SAN FRANCISCO (KPIX) — Proposition 20 would increase penalties for certain property crimes and repeated parole violations and it would make it more difficult for some convicted felons to qualify for early parole and release.
Prosecutors across the state are divided over whether it’s the right approach to tackle certain crimes.
Iryna Gorb in San Francisco’s North Beach neighborhood has been witnessing more car break-ins and other kinds of theft and she, along with her boyfriend, is thinking of voting Yes on Prop 20.
“We don’t feel protected and we don’t feel that the law or the district attorney is on our side and we feel like those criminals are still out and about,” Gorb said.
While Proposition 20 would have no effect on home burglaries it would allow prosecutors to charge other crimes such as serial shoplifting and car thefts of more than $250 as felonies, rather than misdemeanors.
“Thefts across the state are off the charts,” said Sacramento district attorney Anne Marie Schubert.
“Prop 20 will lead to an increase in the prison population and that will take money away from programs like drug treatment, mental health and trauma recovery centers for victims,” said Santa Clara County district attorney Jeff Rosen.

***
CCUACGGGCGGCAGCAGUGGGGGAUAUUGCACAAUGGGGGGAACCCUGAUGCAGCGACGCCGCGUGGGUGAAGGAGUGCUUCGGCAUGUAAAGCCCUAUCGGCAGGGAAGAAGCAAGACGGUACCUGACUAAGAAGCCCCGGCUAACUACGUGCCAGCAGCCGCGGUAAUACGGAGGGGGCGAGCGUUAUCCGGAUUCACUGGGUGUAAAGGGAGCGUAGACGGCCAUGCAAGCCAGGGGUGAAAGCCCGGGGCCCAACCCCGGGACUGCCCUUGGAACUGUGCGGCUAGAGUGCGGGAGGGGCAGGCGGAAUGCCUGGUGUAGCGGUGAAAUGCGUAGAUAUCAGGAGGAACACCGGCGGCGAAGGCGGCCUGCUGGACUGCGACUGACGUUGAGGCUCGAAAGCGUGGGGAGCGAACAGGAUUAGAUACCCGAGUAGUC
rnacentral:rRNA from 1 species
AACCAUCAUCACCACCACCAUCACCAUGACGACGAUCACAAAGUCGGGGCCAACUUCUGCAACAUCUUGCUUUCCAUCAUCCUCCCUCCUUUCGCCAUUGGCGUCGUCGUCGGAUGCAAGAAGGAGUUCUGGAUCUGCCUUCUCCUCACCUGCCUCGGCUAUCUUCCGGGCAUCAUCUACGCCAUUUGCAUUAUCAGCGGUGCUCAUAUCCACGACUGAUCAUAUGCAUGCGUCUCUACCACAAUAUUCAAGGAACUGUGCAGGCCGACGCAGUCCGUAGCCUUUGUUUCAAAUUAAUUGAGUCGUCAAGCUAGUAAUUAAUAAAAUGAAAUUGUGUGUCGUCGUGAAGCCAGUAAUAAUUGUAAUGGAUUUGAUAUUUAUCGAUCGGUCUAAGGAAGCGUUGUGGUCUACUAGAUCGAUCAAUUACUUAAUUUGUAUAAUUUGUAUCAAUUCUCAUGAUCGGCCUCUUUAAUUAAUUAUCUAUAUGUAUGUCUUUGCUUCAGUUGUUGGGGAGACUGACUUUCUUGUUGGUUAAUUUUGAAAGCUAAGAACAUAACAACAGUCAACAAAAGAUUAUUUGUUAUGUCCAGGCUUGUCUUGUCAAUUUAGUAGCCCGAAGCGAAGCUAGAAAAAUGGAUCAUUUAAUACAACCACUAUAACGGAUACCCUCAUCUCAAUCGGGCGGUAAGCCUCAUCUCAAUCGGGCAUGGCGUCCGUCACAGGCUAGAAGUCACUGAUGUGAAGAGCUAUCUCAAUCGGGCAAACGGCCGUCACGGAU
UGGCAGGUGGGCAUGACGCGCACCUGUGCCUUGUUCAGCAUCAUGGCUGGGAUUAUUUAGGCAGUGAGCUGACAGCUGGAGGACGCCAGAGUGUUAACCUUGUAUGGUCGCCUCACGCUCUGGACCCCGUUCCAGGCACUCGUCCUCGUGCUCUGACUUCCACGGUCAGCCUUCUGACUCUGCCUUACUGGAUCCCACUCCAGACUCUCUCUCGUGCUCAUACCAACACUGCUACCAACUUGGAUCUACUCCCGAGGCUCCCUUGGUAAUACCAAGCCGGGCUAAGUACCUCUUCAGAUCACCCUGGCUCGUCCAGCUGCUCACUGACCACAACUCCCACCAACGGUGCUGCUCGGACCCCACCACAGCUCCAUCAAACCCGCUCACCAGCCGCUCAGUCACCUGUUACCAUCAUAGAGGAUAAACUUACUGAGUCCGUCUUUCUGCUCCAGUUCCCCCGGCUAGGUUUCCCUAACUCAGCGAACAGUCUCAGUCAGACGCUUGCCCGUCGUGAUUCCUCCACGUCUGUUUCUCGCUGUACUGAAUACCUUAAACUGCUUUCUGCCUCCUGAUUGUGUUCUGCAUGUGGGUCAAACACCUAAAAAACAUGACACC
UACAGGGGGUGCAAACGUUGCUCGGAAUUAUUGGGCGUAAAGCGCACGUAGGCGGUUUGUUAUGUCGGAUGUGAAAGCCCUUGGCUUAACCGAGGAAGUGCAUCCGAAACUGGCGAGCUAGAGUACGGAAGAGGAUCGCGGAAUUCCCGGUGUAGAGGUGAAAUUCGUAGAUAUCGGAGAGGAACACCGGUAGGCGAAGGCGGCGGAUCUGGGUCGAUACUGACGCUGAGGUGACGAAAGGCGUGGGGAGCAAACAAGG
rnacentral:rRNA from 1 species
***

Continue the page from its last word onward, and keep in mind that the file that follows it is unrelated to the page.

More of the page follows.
“When you become a serial thief then we’re going to say … we’re going to elevate that to a felony and what we call a wobbler but we’re not going to send you to prison but make sure you get yourself into drug court,” Schubert said.
“We’re looking at over $50 billion a year that will be going toward the criminal justice system to address all types of crime. In the decades that we’ve been making that kind of investment we’ve had less than 1 percent go to victim services,” said Tinish Hollins of Californians for Safety and Justice.
Also, under the proposition, collecting DNA samples of convicted adults for misdemeanors by law enforcement would be expanded.
“If we can collect DNA from those types of offenses we can solve rapes and murder,” said Marie-Schubert.
Under current law only adults arrested for felonies or convicted of sex crimes are required to submit to DNA tests.
Former San Francisco district attorney George Gascon is opposed to Proposition 20.
Gason says it’s evident that prison guard organizations and law enforcement associations are the ones “banking Prop 20” and that they’ve benefited in past decades from taxpayer dollars with propositions like 20.